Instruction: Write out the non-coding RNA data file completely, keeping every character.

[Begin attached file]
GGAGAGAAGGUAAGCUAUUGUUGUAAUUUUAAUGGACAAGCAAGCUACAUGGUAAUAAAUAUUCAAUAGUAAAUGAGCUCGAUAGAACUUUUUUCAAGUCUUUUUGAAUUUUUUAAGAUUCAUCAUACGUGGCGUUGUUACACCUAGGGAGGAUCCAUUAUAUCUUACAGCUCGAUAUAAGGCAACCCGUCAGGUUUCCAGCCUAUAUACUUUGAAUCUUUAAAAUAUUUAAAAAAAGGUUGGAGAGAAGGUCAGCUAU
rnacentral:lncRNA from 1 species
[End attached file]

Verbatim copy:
GGAGAGAAGGUAAGCUAUUGUUGUAAUUUUAAUGGACAAGCAAGCUACAUGGUAAUAAAUAUUCAAUAGUAAAUGAGCUCGAUAGAACUUUUUUCAAGUCUUUUUGAAUUUUUUAAGAUUCAUCAUACGUGGCGUUGUUACACCUAGGGAGGAUCCAUUAUAUCUUACAGCUCGAUAUAAGGCAACCCGUCAGGUUUCCAGCCUAUAUACUUUGAAUCUUUAAAAUAUUUAAAAAAAGGUUGGAGAGAAGGUCAGCUAU
rnacentral:lncRNA from 1 species